Abstract
The purpose of this project is to equip six men in sharing their faith through training utilizing multimedia. Three theological assertions provide the impetus for this project. First, disciple making is the primary responsibility of the church of which evangelism is the initial stage. Discipleship follows a positive response to hearing and understanding the Gospel of Jesus Christ.9 Yet, there can be no hearing unless someone shares the Gospel (Rom. 10:14). Therefore, evangelism is to be a priority for the church. Second, believers, empowered by the Holy Spirit, share their faith. Christians sharing their faith is a direct result of the gratitude and enthusiasm of the Christian life (Acts 1:8). Third, God gives pastors a primary role of equipping the church to engage in its call to evangelism. As the shepherd to the local body, the pastor is the one who is responsible to build up the body (Eph. 4:12).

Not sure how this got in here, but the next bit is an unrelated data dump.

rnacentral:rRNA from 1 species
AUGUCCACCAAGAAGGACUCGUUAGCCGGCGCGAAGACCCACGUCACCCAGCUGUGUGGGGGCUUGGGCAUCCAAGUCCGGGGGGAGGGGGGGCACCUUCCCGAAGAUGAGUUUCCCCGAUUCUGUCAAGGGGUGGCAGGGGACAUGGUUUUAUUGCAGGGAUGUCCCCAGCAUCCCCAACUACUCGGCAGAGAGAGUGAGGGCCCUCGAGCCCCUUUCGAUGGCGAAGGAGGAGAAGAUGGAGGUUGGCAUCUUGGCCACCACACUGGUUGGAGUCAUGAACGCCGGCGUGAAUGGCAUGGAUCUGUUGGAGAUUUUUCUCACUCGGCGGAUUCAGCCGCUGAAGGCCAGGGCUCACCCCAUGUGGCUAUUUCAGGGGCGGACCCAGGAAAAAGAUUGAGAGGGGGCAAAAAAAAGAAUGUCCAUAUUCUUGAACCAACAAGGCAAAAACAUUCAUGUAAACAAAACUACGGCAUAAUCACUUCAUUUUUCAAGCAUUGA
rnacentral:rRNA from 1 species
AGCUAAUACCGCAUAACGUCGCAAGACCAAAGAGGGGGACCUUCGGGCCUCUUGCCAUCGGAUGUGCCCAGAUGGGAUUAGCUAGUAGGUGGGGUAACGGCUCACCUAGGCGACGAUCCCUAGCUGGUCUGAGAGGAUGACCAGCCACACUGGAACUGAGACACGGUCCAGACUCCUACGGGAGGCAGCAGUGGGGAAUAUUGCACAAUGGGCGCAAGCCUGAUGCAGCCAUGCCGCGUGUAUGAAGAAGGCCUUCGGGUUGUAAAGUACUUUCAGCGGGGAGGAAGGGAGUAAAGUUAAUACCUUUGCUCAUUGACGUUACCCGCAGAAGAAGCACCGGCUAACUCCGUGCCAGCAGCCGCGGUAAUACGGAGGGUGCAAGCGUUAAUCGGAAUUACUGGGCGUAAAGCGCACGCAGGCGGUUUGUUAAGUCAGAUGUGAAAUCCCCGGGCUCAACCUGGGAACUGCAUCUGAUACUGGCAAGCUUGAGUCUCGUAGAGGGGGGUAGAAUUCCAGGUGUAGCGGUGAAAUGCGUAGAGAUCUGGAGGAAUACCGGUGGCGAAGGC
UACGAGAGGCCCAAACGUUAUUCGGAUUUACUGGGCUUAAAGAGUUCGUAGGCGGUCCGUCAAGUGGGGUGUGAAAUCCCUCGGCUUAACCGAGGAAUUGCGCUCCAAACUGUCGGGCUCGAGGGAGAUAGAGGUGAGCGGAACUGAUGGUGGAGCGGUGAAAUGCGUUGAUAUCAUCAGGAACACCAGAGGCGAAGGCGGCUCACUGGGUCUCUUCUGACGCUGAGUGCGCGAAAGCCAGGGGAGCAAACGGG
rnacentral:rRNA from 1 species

A Strategy for the Church Planting Ministry of Seara Mission in Amazonas Brazil

Author
Gary Wayne Parker D.Min.
Abstract
This applied research project is intended to propose a strategy for planting churches in the unreached river communities in the Amazon region of Brazil. This strategy seeks to facilitate the planting of responsible and reproducing churches that can thrive under local leadership using local resources for generations to come. There are four hypotheses that guide this study: Balance in evangelism and discipleship in unreached communities must be maintained. Local leaders must be preserved for local churches without depending on external support. Cross-cultural missionaries must prepare local leaders to do the majority of the public teaching in the churches that are planted. Cross-cultural missionaries must train local leaders to be responsible for the leadership of the churches that are planted. These hypotheses were evaluated in the bibliographic and biblical research. The SEARA mission was researched to determine if these hypotheses are currently evident in the mission’s methodologies. The results of this research are presented followed by a proposed strategy to be implemented in the future.